Everyone loves giant pandas. How could you not? Huge, fluffy, clumsy and cute: it’s just the perfect pet. And clearly, the Chinese government thinks the same. That’s why he created the Giant Panda National Park, one of many national parks created across the country to protect endangered ecosystems.
For decades, China has had no formal national parks, preferring instead a system of 10,000 locally organized, not nationally coordinated nature reserves.
But everything is about to change. Last Friday (October 15), at COP15 “Biodiversity Summit” in Kunming, the country launched its national park system, including its first batch of official parks. They are all designed to protect particular native species.
For example, there is the Giant Panda National Park, which, as the name suggests, is dedicated to pandas. More than 75% of the world’s panda population lives in the region, which spans the three provinces of Sichuan, Shaanxi and Gansu, and includes the Minshan, Qionglai, Daxiangling and Qinling mountains.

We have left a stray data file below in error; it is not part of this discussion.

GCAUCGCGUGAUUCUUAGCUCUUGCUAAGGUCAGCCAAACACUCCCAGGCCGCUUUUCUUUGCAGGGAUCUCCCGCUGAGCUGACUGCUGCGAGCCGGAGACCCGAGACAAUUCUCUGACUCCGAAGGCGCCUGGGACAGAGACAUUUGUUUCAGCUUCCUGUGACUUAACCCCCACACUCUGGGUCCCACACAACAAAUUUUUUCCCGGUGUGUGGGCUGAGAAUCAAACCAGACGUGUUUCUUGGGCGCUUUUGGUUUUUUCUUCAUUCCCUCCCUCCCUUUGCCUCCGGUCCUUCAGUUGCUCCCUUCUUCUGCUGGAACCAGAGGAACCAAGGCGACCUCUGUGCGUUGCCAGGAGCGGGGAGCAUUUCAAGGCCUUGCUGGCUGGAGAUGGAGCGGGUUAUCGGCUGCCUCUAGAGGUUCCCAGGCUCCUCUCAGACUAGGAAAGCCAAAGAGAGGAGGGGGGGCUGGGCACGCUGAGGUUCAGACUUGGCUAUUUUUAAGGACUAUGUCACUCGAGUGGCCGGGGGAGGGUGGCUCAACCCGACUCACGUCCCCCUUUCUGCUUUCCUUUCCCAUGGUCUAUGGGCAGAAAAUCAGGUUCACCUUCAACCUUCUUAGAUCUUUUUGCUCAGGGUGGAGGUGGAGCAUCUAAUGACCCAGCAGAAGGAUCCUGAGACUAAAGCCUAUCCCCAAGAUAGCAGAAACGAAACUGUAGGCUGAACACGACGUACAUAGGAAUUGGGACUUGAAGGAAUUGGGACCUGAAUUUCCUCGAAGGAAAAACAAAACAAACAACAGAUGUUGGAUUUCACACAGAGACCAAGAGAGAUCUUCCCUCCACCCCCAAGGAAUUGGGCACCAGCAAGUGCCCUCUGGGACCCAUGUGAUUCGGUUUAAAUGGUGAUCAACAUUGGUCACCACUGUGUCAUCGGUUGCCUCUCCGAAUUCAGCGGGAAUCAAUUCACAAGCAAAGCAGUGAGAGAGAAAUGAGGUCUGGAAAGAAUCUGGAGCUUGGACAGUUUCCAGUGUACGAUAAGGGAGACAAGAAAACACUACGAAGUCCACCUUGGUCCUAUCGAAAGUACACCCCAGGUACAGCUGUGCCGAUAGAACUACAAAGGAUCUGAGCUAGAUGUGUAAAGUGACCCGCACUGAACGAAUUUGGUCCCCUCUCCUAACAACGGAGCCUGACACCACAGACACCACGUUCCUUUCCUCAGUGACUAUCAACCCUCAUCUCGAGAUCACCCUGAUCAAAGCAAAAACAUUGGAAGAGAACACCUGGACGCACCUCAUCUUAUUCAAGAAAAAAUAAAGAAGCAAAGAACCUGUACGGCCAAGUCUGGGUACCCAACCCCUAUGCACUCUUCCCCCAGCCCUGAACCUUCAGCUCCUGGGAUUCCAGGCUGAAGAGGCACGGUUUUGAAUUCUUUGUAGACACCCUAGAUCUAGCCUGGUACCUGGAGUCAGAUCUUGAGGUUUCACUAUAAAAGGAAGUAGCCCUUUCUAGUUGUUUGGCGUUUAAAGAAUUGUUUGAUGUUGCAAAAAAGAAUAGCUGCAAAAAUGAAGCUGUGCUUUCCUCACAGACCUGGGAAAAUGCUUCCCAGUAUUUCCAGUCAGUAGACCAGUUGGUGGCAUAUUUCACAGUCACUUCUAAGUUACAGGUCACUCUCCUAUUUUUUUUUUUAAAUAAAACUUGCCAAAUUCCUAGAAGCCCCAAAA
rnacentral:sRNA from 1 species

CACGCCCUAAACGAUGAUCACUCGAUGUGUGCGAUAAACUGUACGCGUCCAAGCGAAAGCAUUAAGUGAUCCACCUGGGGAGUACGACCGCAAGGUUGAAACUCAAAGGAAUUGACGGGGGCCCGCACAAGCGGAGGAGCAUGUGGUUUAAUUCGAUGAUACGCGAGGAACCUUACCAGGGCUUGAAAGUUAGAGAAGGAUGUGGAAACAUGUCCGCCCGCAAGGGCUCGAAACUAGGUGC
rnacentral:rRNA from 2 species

Other parks are dedicated to the conservation of the northeast Chinese tiger, the Siberian leopard and the Hainan black-crested gibbon. Taking into account China’s enormous array of ecosystems, which range from desert to sea and from mountains to rainforest, the new national parks will total 230,000 square kilometers, slightly less than the size of the whole. from the United Kingdom.
Pandas are no longer technically endangered, having seen a 17% increase in their population over the past decade. Earlier this year, the The WWF has updated its status to “vulnerable” – although it should be pointed out that there are still only around 1,800 in the wild.
So, I hope this upward trend continues, huh? Then, perhaps soon, Giant Panda National Park will be practically overflowing with black and white beasts. And we reckon it will look a bit like heaven.
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